Initial Color Is Messy sample beads;
Otherwise known as screwing around.

So yesterday I was visiting my friend Margaret, and all over her work space were these glorious collections of rod-ends—overflowing oblong boxes, plunged into vases, stacked into little dishes—all kinds of glass, including many hand-pulled and one-of-a-kind colors, their only commonality having a proximate coe of 104; otherwise, all different, all calling to be cleaned, organized, and incorporated into something or other.

So, of course we worked exclusively with Bullseye.

Margaret kindly put up with my wishes to clean all the 104 stuff off the table before importing the BE, even to the point of accepting my worry that I might inadvertantly mix her 104 and 90 glass as an excuse; but oh, the things I could make, I sometimes think, if only I were just a little less anal.

series of scrap beads made with shattered CiM ginger, ‘dopped’ onto light ivory, rolled in brown, cream and similar TEs; hollow, ranging in size from 10x15mm to 15x17mm. 2007.

These beads are a good example. One of the rods from Color is Messy had an air pocket in it, and my efforts to work it without preheating in the kiln failed utterly, resulting in a great deal of frit all over my table. I carefully swept it up and saved it in a little dish, which I then incorporated into beads by heating a light ivory rod and plunging it into the dish to gather up the frit. Then I rolled the resulting bead in TE, especially brown, or dotted it with ASK colors, or even rolled it in (relatively speaking) finer leftover frit. The result is the beads above.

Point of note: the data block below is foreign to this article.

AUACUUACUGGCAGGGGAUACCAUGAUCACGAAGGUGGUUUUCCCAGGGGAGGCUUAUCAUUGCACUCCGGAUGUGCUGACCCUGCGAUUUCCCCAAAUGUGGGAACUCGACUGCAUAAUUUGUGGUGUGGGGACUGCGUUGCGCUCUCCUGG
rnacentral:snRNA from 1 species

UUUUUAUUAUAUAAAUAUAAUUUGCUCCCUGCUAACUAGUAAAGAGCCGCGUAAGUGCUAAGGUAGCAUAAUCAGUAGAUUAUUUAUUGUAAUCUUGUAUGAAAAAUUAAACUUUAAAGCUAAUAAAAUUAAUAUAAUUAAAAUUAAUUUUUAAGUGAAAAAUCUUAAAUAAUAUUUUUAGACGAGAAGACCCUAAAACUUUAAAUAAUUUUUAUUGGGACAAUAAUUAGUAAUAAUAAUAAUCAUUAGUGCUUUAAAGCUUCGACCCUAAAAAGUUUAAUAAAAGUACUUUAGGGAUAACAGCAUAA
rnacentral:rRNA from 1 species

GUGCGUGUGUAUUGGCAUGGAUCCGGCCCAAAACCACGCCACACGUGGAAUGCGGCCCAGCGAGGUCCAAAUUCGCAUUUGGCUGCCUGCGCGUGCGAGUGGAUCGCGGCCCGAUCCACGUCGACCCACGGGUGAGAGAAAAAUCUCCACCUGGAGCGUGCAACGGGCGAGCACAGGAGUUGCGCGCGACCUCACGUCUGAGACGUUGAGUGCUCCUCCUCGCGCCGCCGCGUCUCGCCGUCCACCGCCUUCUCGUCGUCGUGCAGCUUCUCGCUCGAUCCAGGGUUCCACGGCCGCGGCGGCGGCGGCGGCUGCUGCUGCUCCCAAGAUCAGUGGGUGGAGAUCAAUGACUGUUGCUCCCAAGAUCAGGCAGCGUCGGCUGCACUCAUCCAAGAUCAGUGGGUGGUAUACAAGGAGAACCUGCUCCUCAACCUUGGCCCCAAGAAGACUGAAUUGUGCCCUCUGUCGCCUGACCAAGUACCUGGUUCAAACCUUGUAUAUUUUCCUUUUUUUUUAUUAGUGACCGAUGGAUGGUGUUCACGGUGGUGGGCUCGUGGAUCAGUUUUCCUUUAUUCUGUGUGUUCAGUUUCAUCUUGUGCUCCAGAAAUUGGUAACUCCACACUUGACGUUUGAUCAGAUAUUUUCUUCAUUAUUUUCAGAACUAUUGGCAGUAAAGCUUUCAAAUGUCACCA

They're not terrifically exciting beads, but my oh my that “ginger” color is the lushest, yummiest orange tint (what was called back in the day, with equal logic, peach) I've thus encountered. It interacts with TE whites and creams in some intriguing ways, yielding hints of copper green.

I also kind of like the way the powder mades fuzzy stripes, the results of putting it on while the bead was still ridged from the coiling process I use to make hollows, and then melting the coils flat.

Nothing especially earthshattering, but fun little beads I admit to having grown on me. Nevertheless, if I immediately make a habit of using stuff up before it ever gets a chance to accumulate properly, how am I to make the really good kind of odds'n’ends beads? —The ones where your work area needw to be 2 inches (5 cm) deep in rods, stringer and bits?

(The interesting thing is experiencing the various levels of compulsion. Compared to some of my more relaxed friends, I'm ridiculously anal; but I have a couple of other lampworking friends who find even my level of disorder completely unworkable. What the slobs do not seem to understand, however, is that we neatniks are not more virtuous; we are more crazy, driven by the need to tidy our workspaces before we can even begin to think about doing something productive.)

file started 16nov; additional writing 19nov.